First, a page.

Are Italian Party Leaders A Threat To Democracy?

Grillo, Salvini, Meloni, Renzi: is the biggest problem of Italian politics always the same?

Italian Politics Salvini
Matteo Salvini discusses the situation in Hungary at the European Parliament. © European Union 2017 - European Parliament (Attribution-NonCommercial-NoDerivatives CreativeCommons licenses

Even if it’s summer and many of us are enjoying the sea breeze, things are happening in Italian politics — and many of these are not good news, especially the increasingly evident jeopardization of the country’s democratic processes.

On this regard, we could consider, for example, the quarrel between the Five Star Movement’s putative leader Beppe Grillo and the former Prime minister Giuseppe Conte, which had repercussions on the whole political system, although it looked like a script for internal consensus reasons. Indeed, according to the polls, the Five Stars have recently halved their support to around 16%. Conte was sidelined for months and the move spread chaos among members. The former head of government accused Grillo of being autocratic after the latter said that he lacked political vision, just before taking over the party leadership. This led to conjecture that Conte could form a party of his own with the support of many from the Movement. In July, Grillo had to back down on Conte, since his popularity in handling the pandemic was quite a success, taking away his veto. After long negotiations, Grillo publicly endorsed his political heir, always without the approval of the party members. Not exactly an example of grassroots democracy.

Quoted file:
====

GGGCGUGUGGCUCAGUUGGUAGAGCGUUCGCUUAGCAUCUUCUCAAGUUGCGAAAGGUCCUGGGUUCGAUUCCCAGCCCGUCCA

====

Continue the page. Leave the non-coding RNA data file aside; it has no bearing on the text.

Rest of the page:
However, the real protagonist of the Roman summer is the so-called DDL Zan, the now-famous draft law against homotransphobia. It is known that Italian laws take years before they are adopted, and well, this is the perfect example. The draft law named after the rapporteur and Democratic MP Alessandro Zan was approved by the Chamber in November 2020, but was stalled in the Senate. Forza Italia, Brothers of Italy, the League are against it, the Democratic Party, the Five Star Movements, and the left are in favour. And while the vote was postoponed until a later date, the discussion reached the lowest level: Senator Simone Pillon (League) said that even the soccer players who won the European Championship declared their love for the mother after winning, and not for a generic ‘parent 1’, referring to the new denomination for parents in official documents. Andrea Cangini (Forza Italia), instead, affirmed that the more rights are granted to small groups, the more other people may be left out and equally discriminated against. Specifically, he refers to “fat people, hunters, vegans,” turning the whole debate from political into comical.